2019 Mas Bands
ABIR The Colours of Life
Bacchanalia Mas Band
The Bride" Outreach"
Calabash Carnival Club
Catona's Gods & Goddesses carnival band
Children and Parents Carnival Association
Chocolate Nation Mas
The ClementJames Carnival Band 2019
D Riddim Tribe
Elimu Paddington Arts Mas Band
FLAGZ Mas Band
Flamboyan Carnival Arts
Gemz Mas International
Glorious Backstage Arts
Heritage Social Arts and Dance group
Ignite De Feterz Mas
Inspiration Arts & Trinbago Carnival Club
Island Vibez / Colours
La Trinity Carnival Club
Mahogany Carnival Club
Majestic Grenada Short UK
People Of Paradise
Rumshop Raw Licquer
Skaters at the London Notting Hill Carnival 2019
Smokey Joe Roadshow
Soca Massive Fancy Sailors UK
Soca Saga Boys
Sunshine International Arts
Tropical Fusion Mas
United Colours of Mas and Associates
Vincy Alliance Mas
Voice Of Mauritius
Xtreme St Lucia UK
The origins of mas, from the word ‘masquerade’, go back to the 1800s with the emancipation of slavery in the Caribbean. Prior to their freedom, the slaves would mimic and ridicule the masters, copying the elaborate gowns worn at their celebration balls and combining them with many African traditions of their former cultures – which included costumes made with bones and natural products, and blue devils playing music with tins and bamboo.
Once the slaves were freed from the French, Spanish and English, they would openly continue and elaborate on these foundations, so Caribbean carnival developed as a fusion of African and European traditions and culture. Alongside individual costumes, there are several specific, named characters that became part of this tradition - and which still exist today. Some of the most popular of these are the ‘Dame Lorraine’, who wears long skirts with an exaggerated backside and is accompanied by string music; a ‘Midnight Robber’, who resembles a depiction of Death as he eloquently proclaims his greatness wearing an oversized hat, and often carries skulls, weapons and a coffin for the collection of coins; the ‘Burrokeet’, resembling a satin-clad rider on a donkey constructed as a bamboo skirt, and which has a specific dance; the ‘Pierrot Grenade’, wearing multi-coloured rags and carrying a whip to draw attention to his comedic speeches, whose name denotes his joint roots in the French clown Pierrot and in the island of Grenada; the ‘Fancy Sailor’, an elaborate and decorated sailor with a papier-mâché headpiece and several of his own dances to choose from.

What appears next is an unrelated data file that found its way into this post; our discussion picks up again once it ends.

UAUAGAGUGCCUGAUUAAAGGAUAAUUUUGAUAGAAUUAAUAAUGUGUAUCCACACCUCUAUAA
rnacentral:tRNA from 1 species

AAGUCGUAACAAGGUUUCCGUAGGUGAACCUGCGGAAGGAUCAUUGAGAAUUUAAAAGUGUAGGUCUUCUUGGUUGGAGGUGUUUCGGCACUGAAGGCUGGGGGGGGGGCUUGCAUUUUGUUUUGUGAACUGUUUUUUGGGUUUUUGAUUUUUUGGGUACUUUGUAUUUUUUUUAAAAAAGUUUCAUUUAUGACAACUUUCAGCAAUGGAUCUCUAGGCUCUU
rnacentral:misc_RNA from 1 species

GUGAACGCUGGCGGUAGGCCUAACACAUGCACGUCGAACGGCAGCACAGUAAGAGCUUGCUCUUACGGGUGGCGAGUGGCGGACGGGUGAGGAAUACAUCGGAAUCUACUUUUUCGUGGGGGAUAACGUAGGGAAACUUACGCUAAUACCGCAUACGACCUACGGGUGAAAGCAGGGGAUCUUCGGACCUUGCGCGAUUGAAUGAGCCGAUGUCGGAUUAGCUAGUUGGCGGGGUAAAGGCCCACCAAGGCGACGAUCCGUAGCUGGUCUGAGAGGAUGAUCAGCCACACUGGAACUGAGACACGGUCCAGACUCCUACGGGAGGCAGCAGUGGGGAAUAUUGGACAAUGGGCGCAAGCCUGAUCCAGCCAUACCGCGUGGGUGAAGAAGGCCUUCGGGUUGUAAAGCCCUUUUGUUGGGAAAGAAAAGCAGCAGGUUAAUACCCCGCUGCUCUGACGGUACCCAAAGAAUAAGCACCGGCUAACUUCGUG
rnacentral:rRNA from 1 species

Fast forward a little, and whilst Trinidadians continued to tread the annual Carnival road, many also chose a different and more permanent path and headed for a new life in Britain as part of the Windrush Generation. In 1959, Trinidadian Claudia Jones, a community activist, recognised that something should be done to unite the community in response to the worrying state of race relations. She held her first of several indoor Caribbean Carnivals that year, at St. Pancras Town Hall; a ‘Carnival Cabaret’ featured at the event, which would have been the UK’s first sight of anything resembling Caribbean carnival costumes.